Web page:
GUEST POST from Abby M. Herman
Selling is probably my least favorite thing to do. It feels sleazy and icky and it’s really uncomfortable. But without selling my services, I wouldn’t have a business. Or a roof over my head.
Thankfully, the days of knocking on the door or picking up the phone to telemarket are over, especially for those of us who do business online. (Fun fact: The worst job I ever had was selling pantyhose over the phone. Yes, for real. I lasted until lunch the second day and never went back.)
Today, we get to sell our products and services online—with our websites, through connections we make in online networking and through our email lists. And sometimes it still feels sleazy. But it doesn’t have to.
It all comes down to the angle you take in your promotional copy: Why are you selling what you’re selling and what’s in it for the end customer? From there, make it easy for your audience to read (and say yes).
Defining Your Why
Simon Sinek’s book, Start With Why, is a “manifesto for those who want to inspire others,” according to his website. He encourages readers to determine why they’re in business and why they chose to do whatever it is that they do. From there, you can inspire others to buy from you.
While I know that finding your why is a powerful exercise, you don’t necessarily need to define your “why” with every piece of content that’s meant to sell something. Instead, I encourage you to simply remember why you’re offering a particular product or service when you’re writing. Hint: It’s not to make money. That’s just an added perk.
Most entrepreneurs are in business because they saw a need and chose to fill it.
- Coaches help other business owners grow.
- Designers help business owners get their visual message out.
- Personal stylists want to help others really look their best.
- Health and fitness experts want to help clients learn how to live a healthy lifestyle.
You get the picture.
Think about why you’re offering a product or service as you craft content to sell it. You’ll be in a better frame of mind than simply thinking about those Benjamins, and you’ll be able to tailor your copy around what your audience needs and wants.
What’s in it for the End Customer?
People need to know what’s in it for them before they make a purchase.
- If I pay you to develop my website for me, what am I going to get out of it? (Saved time, less frustration and a more professional-looking website.)
- If I hire you to handle my accounting, what’s in it for me? (A balanced business account, a budget that works and hopefully a better experience with the IRS.)
- If I pay you to watch my dogs for me while I’m out of town, what’s the benefit for me (or my dogs)? (Peace of mind that my dogs are taken care of, a fun and frolicking weekend at the dog park—for the pooches, of course.)
As you craft your sales pages and emails, highlight what’s in it for the end customer. Hit on their pain points and let them know how you’ll take that pain away. Doing this also illustrates you truly know where they’re coming from. And when customers feel understood, they’re more comfortable making a purchase.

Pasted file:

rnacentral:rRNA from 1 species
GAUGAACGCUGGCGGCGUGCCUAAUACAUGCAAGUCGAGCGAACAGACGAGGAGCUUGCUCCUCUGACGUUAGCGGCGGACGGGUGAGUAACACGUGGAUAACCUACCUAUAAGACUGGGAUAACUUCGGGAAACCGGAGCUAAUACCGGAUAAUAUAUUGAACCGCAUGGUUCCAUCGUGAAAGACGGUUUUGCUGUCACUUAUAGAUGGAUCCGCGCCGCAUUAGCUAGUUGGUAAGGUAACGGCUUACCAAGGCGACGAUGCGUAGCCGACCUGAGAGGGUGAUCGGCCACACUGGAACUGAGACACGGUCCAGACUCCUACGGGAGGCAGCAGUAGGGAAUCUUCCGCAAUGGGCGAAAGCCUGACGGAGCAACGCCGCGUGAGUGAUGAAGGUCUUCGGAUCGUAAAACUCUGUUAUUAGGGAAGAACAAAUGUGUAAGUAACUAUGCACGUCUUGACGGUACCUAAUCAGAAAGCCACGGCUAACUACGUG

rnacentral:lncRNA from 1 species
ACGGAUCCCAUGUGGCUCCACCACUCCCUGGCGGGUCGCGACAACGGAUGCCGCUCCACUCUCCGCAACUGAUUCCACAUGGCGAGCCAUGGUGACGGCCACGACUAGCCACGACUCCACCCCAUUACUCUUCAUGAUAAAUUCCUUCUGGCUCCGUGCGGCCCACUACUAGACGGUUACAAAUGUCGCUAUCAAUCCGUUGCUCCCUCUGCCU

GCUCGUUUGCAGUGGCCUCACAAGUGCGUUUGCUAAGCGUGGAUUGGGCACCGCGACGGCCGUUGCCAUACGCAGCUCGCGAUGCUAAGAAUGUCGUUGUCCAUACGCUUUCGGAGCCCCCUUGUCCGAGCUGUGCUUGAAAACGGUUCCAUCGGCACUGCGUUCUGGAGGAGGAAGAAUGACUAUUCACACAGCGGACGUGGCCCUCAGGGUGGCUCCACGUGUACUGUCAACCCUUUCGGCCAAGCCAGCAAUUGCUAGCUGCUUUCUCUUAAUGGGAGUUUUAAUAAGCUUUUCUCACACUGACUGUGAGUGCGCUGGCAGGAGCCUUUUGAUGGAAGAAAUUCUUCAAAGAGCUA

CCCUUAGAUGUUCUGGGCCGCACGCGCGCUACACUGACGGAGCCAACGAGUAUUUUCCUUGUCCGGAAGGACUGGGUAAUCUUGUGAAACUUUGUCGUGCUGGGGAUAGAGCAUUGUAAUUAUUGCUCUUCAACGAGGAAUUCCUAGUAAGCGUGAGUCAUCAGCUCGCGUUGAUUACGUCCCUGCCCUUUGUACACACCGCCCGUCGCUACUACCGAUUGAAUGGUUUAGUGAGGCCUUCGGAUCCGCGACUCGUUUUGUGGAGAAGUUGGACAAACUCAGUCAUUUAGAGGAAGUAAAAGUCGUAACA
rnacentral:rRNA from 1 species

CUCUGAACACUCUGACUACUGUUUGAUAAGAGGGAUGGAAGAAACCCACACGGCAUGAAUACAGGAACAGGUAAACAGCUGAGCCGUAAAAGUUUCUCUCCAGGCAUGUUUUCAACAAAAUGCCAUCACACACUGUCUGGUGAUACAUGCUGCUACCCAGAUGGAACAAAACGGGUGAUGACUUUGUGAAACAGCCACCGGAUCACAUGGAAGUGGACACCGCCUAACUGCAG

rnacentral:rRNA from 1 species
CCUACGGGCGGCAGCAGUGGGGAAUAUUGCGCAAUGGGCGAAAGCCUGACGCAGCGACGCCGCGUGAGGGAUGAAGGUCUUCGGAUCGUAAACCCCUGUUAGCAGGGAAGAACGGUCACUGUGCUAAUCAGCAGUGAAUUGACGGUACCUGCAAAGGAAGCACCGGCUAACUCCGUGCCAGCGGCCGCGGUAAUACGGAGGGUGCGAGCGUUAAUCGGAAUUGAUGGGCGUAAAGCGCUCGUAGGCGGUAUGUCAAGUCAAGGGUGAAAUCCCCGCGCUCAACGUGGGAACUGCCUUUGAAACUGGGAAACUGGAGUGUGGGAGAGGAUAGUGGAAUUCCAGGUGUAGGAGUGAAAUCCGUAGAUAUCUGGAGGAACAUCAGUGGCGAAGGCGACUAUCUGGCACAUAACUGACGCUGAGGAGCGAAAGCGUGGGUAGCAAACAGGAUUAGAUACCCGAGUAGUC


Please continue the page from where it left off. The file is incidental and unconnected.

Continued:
Make it Readable
Traditional sales pages are longform. That means they’re usually longer than most other pages on your website. There’s so much to cover on a sales page that it’s really not possible to shorten it too much. Benefits, features, the offer, the objections, testimonials from happy customers, etc. A lot of information goes into selling a product or service, especially if it’s a premium (more expensive) offer.
Because of this, it’s important to make sure your sales copy is easy to scan. I mean, people are lazy, right? (Raising my hand.) Not every visitor to your website will read every word you offer. A sad fact for this copywriter. Your audience will scan blog posts and skim through your about page, looking for the juicy bits. They read pull-quotes, subheads, and bolded words, looking for something that jumps out to them. Break up your sales page text with bullet points and graphics and make it easy for them to find what they’re looking for—what’s in it for them and the price.
The copy also needs to be conversational, like you’re talking to a friend. Not the friend you go out drinking with on Friday night necessarily, but a friend who they can confide in. Or your favorite client. A conversational tone makes your readers more comfortable. They trust you more. Which makes you less sleazy and them more willing to buy from you.
In the end, you do need to sell if you’re going to stay in business. But if you’re finding that no one is clicking on your offers, it might be time for a second opinion on your copy. Are you overselling? Illustrating what’s in it for them? Ask a mentor or coach to take a look and give you some honest feedback on what you’re including in your sales pages.
Quick Tips to Writing Great Sales Copy:
- Start by acknowledging you know how your audience feels.
- Touch on how you are going to solve your audience’s problem.
- Anticipate questions and answer them—before anyone can even ask.
- Know what objections your audience will have to buying, and counter them.
- Write like you’re talking to your favorite client, in a friendly and conversational tone.
- Don’t oversell. If you’re sending an email series to sell something, don’t go overboard. One email a day is plenty.
- Establishing some scarcity is fine, but this isn’t do-or-die. Don’t overdo it.
Abby M. Herman is a copywriter and content coach and owner of Write Solutions. She lives and works in the Phoenix area, helping service-based business owners get their written message out to the masses—in their own voice and on their own terms. You can follow her on Facebook, Instagram and Twitter.
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